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Work starts on pumping out New Orleans

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Work starts on pumping out New Orleans


Work has finally begun on pumping the deadly floodwaters in New Orleans back into Lake Pontchartrain. Army engineers are carrying out the work after fixing a break in the levee that ruptured during Hurricane Katrina. People are still being rescued from flooded areas, almost 80 percent of the city, and there are worries that more bodies will continue to be found once the waters recede.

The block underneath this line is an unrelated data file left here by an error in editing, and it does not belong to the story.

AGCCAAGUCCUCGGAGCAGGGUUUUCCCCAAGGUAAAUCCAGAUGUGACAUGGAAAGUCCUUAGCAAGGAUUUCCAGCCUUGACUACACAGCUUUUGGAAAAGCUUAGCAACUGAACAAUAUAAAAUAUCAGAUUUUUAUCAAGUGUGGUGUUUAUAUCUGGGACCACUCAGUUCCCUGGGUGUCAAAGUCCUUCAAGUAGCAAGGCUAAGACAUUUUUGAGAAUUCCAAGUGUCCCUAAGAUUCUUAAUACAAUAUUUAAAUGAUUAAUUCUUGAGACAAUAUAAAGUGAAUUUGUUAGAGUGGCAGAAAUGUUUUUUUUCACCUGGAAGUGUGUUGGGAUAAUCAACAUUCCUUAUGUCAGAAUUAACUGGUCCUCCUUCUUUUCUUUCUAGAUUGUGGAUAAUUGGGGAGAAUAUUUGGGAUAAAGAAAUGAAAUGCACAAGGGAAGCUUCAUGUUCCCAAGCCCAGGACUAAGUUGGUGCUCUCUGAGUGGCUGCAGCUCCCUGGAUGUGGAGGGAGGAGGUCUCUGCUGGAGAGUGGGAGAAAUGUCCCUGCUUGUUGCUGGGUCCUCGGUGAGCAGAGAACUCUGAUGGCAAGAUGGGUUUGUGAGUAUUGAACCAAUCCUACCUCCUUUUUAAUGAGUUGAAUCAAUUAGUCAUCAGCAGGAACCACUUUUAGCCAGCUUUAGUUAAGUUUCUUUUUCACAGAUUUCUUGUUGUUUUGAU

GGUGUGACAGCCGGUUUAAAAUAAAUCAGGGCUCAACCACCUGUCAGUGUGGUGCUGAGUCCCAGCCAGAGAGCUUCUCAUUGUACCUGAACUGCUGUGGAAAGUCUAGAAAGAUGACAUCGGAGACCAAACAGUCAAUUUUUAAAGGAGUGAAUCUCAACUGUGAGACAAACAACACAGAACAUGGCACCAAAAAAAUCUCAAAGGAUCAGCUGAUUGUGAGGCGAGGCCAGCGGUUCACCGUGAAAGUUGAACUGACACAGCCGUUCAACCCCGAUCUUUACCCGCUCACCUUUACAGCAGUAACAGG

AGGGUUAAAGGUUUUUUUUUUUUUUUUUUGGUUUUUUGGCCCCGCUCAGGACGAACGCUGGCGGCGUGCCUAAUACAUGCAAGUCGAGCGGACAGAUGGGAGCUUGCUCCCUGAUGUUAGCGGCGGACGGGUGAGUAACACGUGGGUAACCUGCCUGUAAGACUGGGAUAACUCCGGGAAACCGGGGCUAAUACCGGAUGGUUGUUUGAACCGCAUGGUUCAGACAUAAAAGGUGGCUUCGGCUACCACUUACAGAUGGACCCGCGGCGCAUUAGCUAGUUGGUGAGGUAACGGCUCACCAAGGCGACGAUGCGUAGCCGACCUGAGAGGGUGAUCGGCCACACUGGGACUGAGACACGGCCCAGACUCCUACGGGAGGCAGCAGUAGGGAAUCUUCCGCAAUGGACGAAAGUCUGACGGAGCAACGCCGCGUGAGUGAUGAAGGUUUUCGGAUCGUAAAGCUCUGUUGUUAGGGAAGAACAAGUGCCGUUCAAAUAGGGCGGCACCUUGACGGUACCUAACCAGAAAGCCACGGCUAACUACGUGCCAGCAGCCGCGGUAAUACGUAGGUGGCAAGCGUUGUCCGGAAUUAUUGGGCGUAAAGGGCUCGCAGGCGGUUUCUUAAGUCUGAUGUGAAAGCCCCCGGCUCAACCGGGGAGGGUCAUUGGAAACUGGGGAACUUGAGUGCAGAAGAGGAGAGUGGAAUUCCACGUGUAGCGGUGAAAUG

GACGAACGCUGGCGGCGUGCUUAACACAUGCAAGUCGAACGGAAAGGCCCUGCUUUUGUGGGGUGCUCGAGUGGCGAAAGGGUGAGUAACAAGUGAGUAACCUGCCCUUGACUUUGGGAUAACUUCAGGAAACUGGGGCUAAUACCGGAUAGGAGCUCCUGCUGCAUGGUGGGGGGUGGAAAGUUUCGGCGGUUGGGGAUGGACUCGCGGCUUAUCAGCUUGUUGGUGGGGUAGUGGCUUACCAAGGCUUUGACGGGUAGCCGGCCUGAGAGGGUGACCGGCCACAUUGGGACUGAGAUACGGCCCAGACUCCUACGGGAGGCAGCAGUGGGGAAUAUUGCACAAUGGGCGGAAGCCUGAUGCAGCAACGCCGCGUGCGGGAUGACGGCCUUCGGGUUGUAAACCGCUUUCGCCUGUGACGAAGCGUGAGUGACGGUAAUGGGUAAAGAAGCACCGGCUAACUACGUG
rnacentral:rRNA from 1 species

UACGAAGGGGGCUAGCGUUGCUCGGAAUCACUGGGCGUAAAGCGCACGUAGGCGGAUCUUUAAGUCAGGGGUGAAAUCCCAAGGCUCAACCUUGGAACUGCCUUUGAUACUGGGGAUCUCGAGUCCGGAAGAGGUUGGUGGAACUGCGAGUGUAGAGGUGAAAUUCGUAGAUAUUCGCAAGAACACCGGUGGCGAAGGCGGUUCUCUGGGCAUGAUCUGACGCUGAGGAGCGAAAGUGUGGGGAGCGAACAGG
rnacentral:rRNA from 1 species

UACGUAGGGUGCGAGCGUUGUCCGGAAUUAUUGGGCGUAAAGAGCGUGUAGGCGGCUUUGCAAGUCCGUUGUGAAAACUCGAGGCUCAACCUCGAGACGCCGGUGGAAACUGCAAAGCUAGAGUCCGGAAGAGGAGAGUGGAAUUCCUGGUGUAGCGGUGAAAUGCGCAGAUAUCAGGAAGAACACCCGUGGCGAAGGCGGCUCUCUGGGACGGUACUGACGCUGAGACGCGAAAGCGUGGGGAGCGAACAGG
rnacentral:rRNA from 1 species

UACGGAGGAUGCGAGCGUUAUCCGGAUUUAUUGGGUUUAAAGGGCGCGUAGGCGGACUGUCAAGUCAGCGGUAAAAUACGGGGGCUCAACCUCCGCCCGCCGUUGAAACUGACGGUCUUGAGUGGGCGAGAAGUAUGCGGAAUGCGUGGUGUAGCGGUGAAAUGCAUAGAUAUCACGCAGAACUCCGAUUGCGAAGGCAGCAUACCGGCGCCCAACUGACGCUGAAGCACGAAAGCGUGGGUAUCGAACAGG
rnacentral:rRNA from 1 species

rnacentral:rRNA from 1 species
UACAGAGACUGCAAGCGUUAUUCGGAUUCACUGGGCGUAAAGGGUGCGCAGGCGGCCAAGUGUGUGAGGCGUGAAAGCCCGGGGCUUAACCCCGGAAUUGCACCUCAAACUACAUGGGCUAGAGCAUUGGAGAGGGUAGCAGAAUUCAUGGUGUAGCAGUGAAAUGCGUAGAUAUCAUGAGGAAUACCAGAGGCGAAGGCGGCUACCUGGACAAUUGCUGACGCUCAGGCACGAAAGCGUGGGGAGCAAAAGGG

The mayor of New Orleans says the disaster may have claimed up to 10,000 people in his city. Elsewhere, makeshift morgues have been set up. The official death toll in Louisiana stands at 59 but officials say that is likely to rise as cut-off areas are reached. In Mississippi, more than 100 deaths have been confirmed, with many more unaccounted for. With hundreds of thousands of people displaced in temporary shelters, and with many transferred to neighbouring states, officials say it will take weeks, if not months, before some can return home. President George W.Bush, who is under fire for his handling of the crisis, has been back in the disaster zone for the second time in a week. Former president Bill Clinton has said there is no dispute that the government failed people in the early stages of the tragedy.
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